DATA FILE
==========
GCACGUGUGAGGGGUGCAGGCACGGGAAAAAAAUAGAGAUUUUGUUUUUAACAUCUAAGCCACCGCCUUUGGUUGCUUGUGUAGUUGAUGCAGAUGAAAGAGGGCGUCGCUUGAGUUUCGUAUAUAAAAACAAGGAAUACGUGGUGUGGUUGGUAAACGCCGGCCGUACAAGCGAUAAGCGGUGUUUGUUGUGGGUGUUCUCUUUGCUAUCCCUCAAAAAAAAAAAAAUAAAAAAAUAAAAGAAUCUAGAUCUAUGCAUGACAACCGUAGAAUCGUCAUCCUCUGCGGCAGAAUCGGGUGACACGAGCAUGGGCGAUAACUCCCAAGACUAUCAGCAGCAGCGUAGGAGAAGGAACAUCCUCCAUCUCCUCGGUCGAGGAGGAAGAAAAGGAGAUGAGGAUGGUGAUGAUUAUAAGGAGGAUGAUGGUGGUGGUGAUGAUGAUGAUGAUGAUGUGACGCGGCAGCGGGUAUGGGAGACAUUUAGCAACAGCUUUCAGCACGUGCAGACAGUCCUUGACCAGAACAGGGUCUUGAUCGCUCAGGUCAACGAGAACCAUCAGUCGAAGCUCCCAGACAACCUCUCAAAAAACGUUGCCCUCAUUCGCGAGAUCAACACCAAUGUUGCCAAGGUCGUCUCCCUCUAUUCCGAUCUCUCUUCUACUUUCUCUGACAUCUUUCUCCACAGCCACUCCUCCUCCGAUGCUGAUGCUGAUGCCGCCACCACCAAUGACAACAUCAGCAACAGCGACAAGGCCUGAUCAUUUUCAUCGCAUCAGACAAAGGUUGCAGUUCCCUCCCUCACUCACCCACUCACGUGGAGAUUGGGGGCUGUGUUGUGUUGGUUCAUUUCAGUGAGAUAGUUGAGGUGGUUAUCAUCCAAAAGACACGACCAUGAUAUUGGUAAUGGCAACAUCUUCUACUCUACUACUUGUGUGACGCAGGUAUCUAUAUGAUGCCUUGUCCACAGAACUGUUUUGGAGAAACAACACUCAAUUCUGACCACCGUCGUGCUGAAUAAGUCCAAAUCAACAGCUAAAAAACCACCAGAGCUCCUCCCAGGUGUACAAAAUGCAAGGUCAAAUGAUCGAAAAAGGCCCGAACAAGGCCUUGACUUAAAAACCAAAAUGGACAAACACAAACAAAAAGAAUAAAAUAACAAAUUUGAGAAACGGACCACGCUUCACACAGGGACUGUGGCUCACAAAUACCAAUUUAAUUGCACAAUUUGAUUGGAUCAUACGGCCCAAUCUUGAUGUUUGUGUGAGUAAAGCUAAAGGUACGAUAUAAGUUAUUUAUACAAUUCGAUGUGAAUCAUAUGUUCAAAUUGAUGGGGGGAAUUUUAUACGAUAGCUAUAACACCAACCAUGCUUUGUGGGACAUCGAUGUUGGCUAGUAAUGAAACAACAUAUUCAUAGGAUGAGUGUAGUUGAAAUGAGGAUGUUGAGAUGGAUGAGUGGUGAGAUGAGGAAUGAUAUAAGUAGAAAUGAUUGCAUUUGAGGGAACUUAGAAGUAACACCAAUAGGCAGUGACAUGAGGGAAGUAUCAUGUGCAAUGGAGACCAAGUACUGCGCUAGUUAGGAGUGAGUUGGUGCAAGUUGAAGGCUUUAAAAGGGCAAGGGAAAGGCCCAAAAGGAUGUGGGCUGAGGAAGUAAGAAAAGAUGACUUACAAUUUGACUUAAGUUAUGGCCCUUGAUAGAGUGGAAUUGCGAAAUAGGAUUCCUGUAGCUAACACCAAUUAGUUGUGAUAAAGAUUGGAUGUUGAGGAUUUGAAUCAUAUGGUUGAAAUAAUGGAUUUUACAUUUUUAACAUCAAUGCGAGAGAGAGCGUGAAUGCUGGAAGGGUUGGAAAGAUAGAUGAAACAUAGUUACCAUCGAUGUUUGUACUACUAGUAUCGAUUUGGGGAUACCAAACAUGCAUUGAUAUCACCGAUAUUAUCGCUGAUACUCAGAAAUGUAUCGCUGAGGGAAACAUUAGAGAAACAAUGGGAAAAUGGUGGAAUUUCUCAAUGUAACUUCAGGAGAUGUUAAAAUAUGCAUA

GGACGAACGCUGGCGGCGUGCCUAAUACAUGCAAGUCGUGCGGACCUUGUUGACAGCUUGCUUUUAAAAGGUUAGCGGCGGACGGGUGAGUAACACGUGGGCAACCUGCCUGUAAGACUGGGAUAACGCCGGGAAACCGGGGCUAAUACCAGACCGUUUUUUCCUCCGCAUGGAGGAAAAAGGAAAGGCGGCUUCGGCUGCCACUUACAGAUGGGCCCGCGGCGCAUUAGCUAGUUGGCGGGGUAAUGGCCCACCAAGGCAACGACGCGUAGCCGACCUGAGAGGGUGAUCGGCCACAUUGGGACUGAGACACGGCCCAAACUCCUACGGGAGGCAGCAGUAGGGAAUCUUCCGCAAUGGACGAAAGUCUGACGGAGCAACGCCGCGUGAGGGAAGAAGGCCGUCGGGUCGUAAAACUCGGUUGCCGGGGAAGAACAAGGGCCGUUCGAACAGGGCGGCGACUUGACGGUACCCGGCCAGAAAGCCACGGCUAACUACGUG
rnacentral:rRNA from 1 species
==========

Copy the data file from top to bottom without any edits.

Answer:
GCACGUGUGAGGGGUGCAGGCACGGGAAAAAAAUAGAGAUUUUGUUUUUAACAUCUAAGCCACCGCCUUUGGUUGCUUGUGUAGUUGAUGCAGAUGAAAGAGGGCGUCGCUUGAGUUUCGUAUAUAAAAACAAGGAAUACGUGGUGUGGUUGGUAAACGCCGGCCGUACAAGCGAUAAGCGGUGUUUGUUGUGGGUGUUCUCUUUGCUAUCCCUCAAAAAAAAAAAAAUAAAAAAAUAAAAGAAUCUAGAUCUAUGCAUGACAACCGUAGAAUCGUCAUCCUCUGCGGCAGAAUCGGGUGACACGAGCAUGGGCGAUAACUCCCAAGACUAUCAGCAGCAGCGUAGGAGAAGGAACAUCCUCCAUCUCCUCGGUCGAGGAGGAAGAAAAGGAGAUGAGGAUGGUGAUGAUUAUAAGGAGGAUGAUGGUGGUGGUGAUGAUGAUGAUGAUGAUGUGACGCGGCAGCGGGUAUGGGAGACAUUUAGCAACAGCUUUCAGCACGUGCAGACAGUCCUUGACCAGAACAGGGUCUUGAUCGCUCAGGUCAACGAGAACCAUCAGUCGAAGCUCCCAGACAACCUCUCAAAAAACGUUGCCCUCAUUCGCGAGAUCAACACCAAUGUUGCCAAGGUCGUCUCCCUCUAUUCCGAUCUCUCUUCUACUUUCUCUGACAUCUUUCUCCACAGCCACUCCUCCUCCGAUGCUGAUGCUGAUGCCGCCACCACCAAUGACAACAUCAGCAACAGCGACAAGGCCUGAUCAUUUUCAUCGCAUCAGACAAAGGUUGCAGUUCCCUCCCUCACUCACCCACUCACGUGGAGAUUGGGGGCUGUGUUGUGUUGGUUCAUUUCAGUGAGAUAGUUGAGGUGGUUAUCAUCCAAAAGACACGACCAUGAUAUUGGUAAUGGCAACAUCUUCUACUCUACUACUUGUGUGACGCAGGUAUCUAUAUGAUGCCUUGUCCACAGAACUGUUUUGGAGAAACAACACUCAAUUCUGACCACCGUCGUGCUGAAUAAGUCCAAAUCAACAGCUAAAAAACCACCAGAGCUCCUCCCAGGUGUACAAAAUGCAAGGUCAAAUGAUCGAAAAAGGCCCGAACAAGGCCUUGACUUAAAAACCAAAAUGGACAAACACAAACAAAAAGAAUAAAAUAACAAAUUUGAGAAACGGACCACGCUUCACACAGGGACUGUGGCUCACAAAUACCAAUUUAAUUGCACAAUUUGAUUGGAUCAUACGGCCCAAUCUUGAUGUUUGUGUGAGUAAAGCUAAAGGUACGAUAUAAGUUAUUUAUACAAUUCGAUGUGAAUCAUAUGUUCAAAUUGAUGGGGGGAAUUUUAUACGAUAGCUAUAACACCAACCAUGCUUUGUGGGACAUCGAUGUUGGCUAGUAAUGAAACAACAUAUUCAUAGGAUGAGUGUAGUUGAAAUGAGGAUGUUGAGAUGGAUGAGUGGUGAGAUGAGGAAUGAUAUAAGUAGAAAUGAUUGCAUUUGAGGGAACUUAGAAGUAACACCAAUAGGCAGUGACAUGAGGGAAGUAUCAUGUGCAAUGGAGACCAAGUACUGCGCUAGUUAGGAGUGAGUUGGUGCAAGUUGAAGGCUUUAAAAGGGCAAGGGAAAGGCCCAAAAGGAUGUGGGCUGAGGAAGUAAGAAAAGAUGACUUACAAUUUGACUUAAGUUAUGGCCCUUGAUAGAGUGGAAUUGCGAAAUAGGAUUCCUGUAGCUAACACCAAUUAGUUGUGAUAAAGAUUGGAUGUUGAGGAUUUGAAUCAUAUGGUUGAAAUAAUGGAUUUUACAUUUUUAACAUCAAUGCGAGAGAGAGCGUGAAUGCUGGAAGGGUUGGAAAGAUAGAUGAAACAUAGUUACCAUCGAUGUUUGUACUACUAGUAUCGAUUUGGGGAUACCAAACAUGCAUUGAUAUCACCGAUAUUAUCGCUGAUACUCAGAAAUGUAUCGCUGAGGGAAACAUUAGAGAAACAAUGGGAAAAUGGUGGAAUUUCUCAAUGUAACUUCAGGAGAUGUUAAAAUAUGCAUA

GGACGAACGCUGGCGGCGUGCCUAAUACAUGCAAGUCGUGCGGACCUUGUUGACAGCUUGCUUUUAAAAGGUUAGCGGCGGACGGGUGAGUAACACGUGGGCAACCUGCCUGUAAGACUGGGAUAACGCCGGGAAACCGGGGCUAAUACCAGACCGUUUUUUCCUCCGCAUGGAGGAAAAAGGAAAGGCGGCUUCGGCUGCCACUUACAGAUGGGCCCGCGGCGCAUUAGCUAGUUGGCGGGGUAAUGGCCCACCAAGGCAACGACGCGUAGCCGACCUGAGAGGGUGAUCGGCCACAUUGGGACUGAGACACGGCCCAAACUCCUACGGGAGGCAGCAGUAGGGAAUCUUCCGCAAUGGACGAAAGUCUGACGGAGCAACGCCGCGUGAGGGAAGAAGGCCGUCGGGUCGUAAAACUCGGUUGCCGGGGAAGAACAAGGGCCGUUCGAACAGGGCGGCGACUUGACGGUACCCGGCCAGAAAGCCACGGCUAACUACGUG
rnacentral:rRNA from 1 species